After an eighteen-month battle, Apple's finally caved in and agreed to pay Nokia license fees covering two wireless phone patents.
Apple will hand over an undiscosed one-off fee, as well as paying on-going royalties from now on. Both companies will withdraw their earlier complaints to the US International Trade Commission, which had been due for a decision later this month.
"We are very pleased to have Apple join the growing number of Nokia licensees," says Stephen Elop, president and chief executive officer of Nokia.
"This settlement demonstrates Nokia's industry leading patent portfolio and enables us to focus on further licensing opportunities in the mobile communications market."
The case has been dragging on since October 2009, when Nokia sued Apple over ten patents relating to wireless data, speech coding, security and encryption, and demanded that royalties be paid on iPhone sales since 2007.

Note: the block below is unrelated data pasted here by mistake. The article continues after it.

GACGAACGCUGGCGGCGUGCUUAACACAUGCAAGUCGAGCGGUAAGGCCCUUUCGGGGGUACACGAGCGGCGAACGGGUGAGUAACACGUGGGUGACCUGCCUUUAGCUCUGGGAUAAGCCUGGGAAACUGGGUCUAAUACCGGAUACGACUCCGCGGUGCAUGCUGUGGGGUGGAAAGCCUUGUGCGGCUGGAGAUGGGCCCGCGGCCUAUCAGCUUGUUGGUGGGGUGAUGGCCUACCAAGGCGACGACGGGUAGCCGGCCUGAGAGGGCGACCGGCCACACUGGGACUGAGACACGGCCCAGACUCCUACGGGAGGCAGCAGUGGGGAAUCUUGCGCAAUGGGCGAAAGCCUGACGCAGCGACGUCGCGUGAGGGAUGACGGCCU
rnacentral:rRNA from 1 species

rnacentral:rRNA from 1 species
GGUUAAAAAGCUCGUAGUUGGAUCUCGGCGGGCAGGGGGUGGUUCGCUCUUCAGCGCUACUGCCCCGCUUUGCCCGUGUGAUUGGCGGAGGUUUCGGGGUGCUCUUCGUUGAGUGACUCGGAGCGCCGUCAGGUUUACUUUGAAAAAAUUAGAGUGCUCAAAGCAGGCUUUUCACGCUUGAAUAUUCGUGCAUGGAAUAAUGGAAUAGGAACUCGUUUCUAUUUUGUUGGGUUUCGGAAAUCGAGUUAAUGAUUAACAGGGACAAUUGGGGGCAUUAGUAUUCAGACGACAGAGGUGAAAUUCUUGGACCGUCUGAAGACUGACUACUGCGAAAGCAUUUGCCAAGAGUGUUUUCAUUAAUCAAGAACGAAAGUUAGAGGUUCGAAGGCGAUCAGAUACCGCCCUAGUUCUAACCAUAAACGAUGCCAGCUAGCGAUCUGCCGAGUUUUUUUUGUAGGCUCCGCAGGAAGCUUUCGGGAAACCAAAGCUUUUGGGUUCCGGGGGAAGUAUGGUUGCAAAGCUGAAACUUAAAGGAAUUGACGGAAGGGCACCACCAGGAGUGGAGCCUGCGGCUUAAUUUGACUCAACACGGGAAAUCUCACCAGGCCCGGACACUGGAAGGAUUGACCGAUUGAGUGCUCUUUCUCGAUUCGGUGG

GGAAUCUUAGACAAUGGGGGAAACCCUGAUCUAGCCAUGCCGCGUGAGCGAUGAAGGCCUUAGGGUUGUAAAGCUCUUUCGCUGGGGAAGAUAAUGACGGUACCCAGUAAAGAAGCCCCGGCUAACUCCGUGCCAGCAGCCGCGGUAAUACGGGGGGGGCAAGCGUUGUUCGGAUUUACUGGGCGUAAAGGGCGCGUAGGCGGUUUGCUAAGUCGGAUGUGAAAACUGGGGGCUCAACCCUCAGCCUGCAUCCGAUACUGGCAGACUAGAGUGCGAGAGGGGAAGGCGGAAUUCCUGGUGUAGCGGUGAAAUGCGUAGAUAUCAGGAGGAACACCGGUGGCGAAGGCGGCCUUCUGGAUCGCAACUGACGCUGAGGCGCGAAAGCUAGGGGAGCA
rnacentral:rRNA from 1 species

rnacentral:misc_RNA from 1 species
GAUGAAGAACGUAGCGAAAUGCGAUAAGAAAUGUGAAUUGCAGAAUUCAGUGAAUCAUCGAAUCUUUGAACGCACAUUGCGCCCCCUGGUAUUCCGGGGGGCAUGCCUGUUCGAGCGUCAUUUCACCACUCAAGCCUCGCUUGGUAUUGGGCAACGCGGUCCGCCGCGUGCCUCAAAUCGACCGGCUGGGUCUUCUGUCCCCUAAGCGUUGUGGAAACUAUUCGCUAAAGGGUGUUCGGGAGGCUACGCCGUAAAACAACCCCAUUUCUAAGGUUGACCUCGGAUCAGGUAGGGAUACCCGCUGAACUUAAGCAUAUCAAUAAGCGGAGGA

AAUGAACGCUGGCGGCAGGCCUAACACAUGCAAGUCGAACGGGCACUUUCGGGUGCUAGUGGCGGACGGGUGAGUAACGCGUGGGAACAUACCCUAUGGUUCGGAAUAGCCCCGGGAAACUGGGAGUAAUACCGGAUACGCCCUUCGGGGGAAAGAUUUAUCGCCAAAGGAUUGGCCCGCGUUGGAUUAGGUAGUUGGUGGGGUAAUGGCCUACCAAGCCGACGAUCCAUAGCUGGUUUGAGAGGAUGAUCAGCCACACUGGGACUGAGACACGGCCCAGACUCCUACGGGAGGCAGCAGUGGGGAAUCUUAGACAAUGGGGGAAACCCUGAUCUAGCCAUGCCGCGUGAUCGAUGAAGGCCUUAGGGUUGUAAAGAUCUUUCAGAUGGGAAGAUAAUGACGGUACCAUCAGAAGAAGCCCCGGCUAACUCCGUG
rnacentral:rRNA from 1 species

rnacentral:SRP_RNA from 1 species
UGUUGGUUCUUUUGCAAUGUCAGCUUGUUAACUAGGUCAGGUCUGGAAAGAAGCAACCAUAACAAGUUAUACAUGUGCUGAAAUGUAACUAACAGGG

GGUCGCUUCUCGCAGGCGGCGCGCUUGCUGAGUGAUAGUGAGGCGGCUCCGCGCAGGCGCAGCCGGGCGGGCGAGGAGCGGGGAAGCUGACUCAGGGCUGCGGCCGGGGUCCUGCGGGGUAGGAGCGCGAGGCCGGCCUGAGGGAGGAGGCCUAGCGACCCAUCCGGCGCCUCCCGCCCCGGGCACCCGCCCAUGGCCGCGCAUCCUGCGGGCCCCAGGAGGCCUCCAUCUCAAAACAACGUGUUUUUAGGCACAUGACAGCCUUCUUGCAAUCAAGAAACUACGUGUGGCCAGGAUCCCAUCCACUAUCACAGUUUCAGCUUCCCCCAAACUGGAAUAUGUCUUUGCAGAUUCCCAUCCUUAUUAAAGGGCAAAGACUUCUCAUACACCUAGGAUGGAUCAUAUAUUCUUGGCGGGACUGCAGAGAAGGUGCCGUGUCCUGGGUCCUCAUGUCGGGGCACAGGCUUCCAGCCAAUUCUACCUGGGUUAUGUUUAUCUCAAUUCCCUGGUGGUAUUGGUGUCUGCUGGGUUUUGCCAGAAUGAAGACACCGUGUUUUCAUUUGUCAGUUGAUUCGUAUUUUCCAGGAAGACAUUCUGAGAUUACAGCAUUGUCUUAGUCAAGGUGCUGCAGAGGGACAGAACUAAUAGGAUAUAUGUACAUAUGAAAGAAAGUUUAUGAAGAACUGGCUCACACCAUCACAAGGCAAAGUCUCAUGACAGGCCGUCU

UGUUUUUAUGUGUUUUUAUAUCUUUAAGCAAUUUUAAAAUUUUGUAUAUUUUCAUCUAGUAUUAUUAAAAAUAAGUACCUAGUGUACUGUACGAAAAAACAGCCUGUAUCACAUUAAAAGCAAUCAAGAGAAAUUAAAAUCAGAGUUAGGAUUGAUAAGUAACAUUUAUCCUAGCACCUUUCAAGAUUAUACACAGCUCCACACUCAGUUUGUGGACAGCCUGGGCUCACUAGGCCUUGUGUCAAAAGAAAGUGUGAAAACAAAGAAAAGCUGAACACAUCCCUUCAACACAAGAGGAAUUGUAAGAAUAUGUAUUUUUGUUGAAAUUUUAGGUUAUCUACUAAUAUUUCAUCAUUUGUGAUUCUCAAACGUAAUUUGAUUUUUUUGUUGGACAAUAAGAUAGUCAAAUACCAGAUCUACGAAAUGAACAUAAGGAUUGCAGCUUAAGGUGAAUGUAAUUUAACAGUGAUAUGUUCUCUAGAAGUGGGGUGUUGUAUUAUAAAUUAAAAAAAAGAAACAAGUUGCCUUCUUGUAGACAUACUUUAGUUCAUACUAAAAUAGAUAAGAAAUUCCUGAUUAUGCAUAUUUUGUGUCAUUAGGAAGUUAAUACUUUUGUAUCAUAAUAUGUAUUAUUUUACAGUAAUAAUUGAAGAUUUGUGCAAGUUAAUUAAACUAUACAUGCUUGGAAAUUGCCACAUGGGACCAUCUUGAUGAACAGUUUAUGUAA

Apple promptly countersued, saying Nokia was infringing 13 of its own iPhone patents.
But while Nokia may be the obvious winner, says patent expert Florian Mueller, the settlement will benefit Apple too - particularly with regard to its competitors.
"Having proven its ability to defeat Apple - after the most bitterly contest patent dispute that this industry has seen to date - is a clear proof of concept. Other companies whom Nokia will ask to pay royalties will have to think very hard whether to pay or pick a fight," he says.
"This is also very significant with a view to Android. Given that Android is in many ways a rip-off of Apple's operating software, Android-based devices are highly likely to infringe on largely the same Nokia patents that Apple now felt forced to pay for."